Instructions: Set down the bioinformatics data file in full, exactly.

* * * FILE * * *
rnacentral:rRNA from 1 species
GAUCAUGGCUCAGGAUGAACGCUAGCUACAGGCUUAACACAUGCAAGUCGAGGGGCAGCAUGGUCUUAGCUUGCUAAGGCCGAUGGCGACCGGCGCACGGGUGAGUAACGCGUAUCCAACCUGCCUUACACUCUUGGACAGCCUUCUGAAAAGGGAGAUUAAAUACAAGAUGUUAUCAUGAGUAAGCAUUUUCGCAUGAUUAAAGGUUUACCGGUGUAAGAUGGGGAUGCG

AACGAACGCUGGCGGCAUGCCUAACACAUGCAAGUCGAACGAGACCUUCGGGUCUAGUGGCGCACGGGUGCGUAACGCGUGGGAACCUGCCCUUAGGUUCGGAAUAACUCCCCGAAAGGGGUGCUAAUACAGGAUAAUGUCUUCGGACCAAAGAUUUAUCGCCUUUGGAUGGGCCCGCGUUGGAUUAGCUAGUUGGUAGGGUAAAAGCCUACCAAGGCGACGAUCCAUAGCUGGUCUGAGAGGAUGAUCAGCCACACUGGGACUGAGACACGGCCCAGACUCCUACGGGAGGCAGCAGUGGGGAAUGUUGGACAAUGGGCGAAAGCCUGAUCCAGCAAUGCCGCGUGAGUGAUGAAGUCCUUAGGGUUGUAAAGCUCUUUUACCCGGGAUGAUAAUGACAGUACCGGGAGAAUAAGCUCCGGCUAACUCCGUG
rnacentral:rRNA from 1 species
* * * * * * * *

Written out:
rnacentral:rRNA from 1 species
GAUCAUGGCUCAGGAUGAACGCUAGCUACAGGCUUAACACAUGCAAGUCGAGGGGCAGCAUGGUCUUAGCUUGCUAAGGCCGAUGGCGACCGGCGCACGGGUGAGUAACGCGUAUCCAACCUGCCUUACACUCUUGGACAGCCUUCUGAAAAGGGAGAUUAAAUACAAGAUGUUAUCAUGAGUAAGCAUUUUCGCAUGAUUAAAGGUUUACCGGUGUAAGAUGGGGAUGCG

AACGAACGCUGGCGGCAUGCCUAACACAUGCAAGUCGAACGAGACCUUCGGGUCUAGUGGCGCACGGGUGCGUAACGCGUGGGAACCUGCCCUUAGGUUCGGAAUAACUCCCCGAAAGGGGUGCUAAUACAGGAUAAUGUCUUCGGACCAAAGAUUUAUCGCCUUUGGAUGGGCCCGCGUUGGAUUAGCUAGUUGGUAGGGUAAAAGCCUACCAAGGCGACGAUCCAUAGCUGGUCUGAGAGGAUGAUCAGCCACACUGGGACUGAGACACGGCCCAGACUCCUACGGGAGGCAGCAGUGGGGAAUGUUGGACAAUGGGCGAAAGCCUGAUCCAGCAAUGCCGCGUGAGUGAUGAAGUCCUUAGGGUUGUAAAGCUCUUUUACCCGGGAUGAUAAUGACAGUACCGGGAGAAUAAGCUCCGGCUAACUCCGUG
rnacentral:rRNA from 1 species